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Multiple Star Systems


Binary Stars


Planets revolve around stars because of gravity. However, gravity is not restricted to between large and small bodies, stars can revolve around stars as well. In fact, 85% of the stars in the Milky Way galaxy are not single stars, like the Sun, but multiple star systems. If two stars orbit each other at large separations, they evolve independently and are called a wide pair. If the two stars are close enough to transfer matter by tidal forces, then they are called a close or contact pair. The evidence is that most stars that we see in the sky are parts of multiple star systems revolving around a common center of mass, called the barycenter. If there are two stars in the system, it is called a binary star system. We shall concentrate on such binary systems as representative of multiple stars.


A binary star system consists of two stars which orbit around a barycenter; the objects follow Kepler's Laws. There are several subcategories of binary stars, classified by their visual properties including eclipsing binaries, visual binaries, spectroscopic binaries and astrometric binaries. Five to ten percent of the stars visible to us are visual binary stars. Careful spectroscopic studies of nearby solar-type stars show that about two thirds of them have stellar companions. We estimate that roughly half of all stars in the sky are indeed members of binaries.


Visual Binaries


Visual binaries are systems in which the individual stars can be seen through a telescope. Any two stars seen close to one another is a double star, the most famous being Mizar and Alcor in the Big Dipper. Odds are, though, that a double star is probably a foreground and background star pair that only looks near each other. With the invention of the telescope may such pairs were found. Herschel, in 1780, measured the separation and orientations of over 700 double stars and found that only about 50 pairs changed orientation over 2 decades of observation. One such example is Sirius A and B shown below. Their motion through the sky is a complex, twisted path which takes decades to map and plot.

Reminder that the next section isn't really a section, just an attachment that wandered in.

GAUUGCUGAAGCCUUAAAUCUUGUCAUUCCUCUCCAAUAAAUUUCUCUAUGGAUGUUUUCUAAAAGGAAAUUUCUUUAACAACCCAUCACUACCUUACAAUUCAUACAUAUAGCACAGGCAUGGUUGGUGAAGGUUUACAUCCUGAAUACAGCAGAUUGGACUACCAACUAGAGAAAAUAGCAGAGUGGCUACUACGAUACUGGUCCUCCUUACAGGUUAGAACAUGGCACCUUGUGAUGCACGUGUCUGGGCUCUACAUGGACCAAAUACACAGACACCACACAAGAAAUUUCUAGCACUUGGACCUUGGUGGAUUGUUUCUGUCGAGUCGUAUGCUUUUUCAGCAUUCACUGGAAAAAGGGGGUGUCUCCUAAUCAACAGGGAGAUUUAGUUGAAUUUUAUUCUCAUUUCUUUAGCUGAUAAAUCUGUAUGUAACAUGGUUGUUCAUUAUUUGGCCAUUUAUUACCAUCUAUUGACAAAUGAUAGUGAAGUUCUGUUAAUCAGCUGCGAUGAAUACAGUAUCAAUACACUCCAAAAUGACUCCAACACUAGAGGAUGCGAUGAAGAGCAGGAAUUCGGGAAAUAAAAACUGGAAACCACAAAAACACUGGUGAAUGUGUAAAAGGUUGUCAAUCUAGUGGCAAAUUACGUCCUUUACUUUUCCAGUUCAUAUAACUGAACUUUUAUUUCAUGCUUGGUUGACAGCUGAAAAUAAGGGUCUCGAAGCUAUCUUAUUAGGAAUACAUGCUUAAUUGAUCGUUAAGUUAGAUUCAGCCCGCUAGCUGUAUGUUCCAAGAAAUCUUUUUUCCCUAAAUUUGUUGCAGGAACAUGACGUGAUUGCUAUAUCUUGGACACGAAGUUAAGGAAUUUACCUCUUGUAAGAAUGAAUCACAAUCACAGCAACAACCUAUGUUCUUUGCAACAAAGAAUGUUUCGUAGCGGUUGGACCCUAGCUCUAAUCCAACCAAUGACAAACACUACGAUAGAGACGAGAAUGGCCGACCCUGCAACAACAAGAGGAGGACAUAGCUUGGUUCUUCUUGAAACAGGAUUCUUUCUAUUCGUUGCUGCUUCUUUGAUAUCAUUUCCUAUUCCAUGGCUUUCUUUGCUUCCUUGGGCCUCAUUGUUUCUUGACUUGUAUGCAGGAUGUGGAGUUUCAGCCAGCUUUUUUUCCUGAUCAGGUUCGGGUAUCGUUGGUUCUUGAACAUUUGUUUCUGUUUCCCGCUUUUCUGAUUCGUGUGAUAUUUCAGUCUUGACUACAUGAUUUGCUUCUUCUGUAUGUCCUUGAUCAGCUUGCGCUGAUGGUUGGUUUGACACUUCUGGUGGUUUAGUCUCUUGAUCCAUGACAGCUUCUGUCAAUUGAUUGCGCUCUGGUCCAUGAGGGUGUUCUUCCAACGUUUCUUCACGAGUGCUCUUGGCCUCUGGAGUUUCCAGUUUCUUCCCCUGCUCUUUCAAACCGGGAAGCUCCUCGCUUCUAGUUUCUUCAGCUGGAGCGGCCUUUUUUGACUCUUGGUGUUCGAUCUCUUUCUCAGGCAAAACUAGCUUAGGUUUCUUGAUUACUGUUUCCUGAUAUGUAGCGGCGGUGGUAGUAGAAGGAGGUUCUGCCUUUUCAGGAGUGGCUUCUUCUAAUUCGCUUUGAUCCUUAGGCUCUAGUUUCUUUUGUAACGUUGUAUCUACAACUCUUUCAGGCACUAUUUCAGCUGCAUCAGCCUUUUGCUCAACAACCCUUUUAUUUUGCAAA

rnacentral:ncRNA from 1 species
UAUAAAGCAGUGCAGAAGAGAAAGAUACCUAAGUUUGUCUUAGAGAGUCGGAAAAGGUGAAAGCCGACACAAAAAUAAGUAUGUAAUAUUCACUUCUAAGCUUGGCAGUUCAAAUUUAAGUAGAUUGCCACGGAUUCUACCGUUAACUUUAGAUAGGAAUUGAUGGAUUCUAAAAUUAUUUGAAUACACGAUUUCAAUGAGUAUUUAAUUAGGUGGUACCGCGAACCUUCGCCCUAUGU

Eclipsing Binaries


In the late 1600's, Italian astronomers noticed that some stars occasionally drop in their brightness up to 1/3 their peak luminosity. Later measurements showed that these declines were periodic, ranging from hours to days. It is now recognized that these brightness changes are due to the eclipsing of one star by another (as they pass in front of each other).


Eclipsing binaries are systems in which the orbital plane is oriented exactly edgewise to the plane of the sky so that the one star passes directly in front of the other, blocking out its light during the eclipse. Eclipsing binaries may also be visual or spectroscopic binaries. The variation in the brightness of the star is called its light curve.


Eclipsing binaries are studied by monitoring their light curves (shown below), the changes in brightness with time. When the smaller, dimmer star passes in front of the brighter star, there is a deep minimum. When the dimmer star passes behind the bright star there is a second, less deep, minimum. Notice the transition zone at the start and end of each eclipse.

Spectroscopic binaries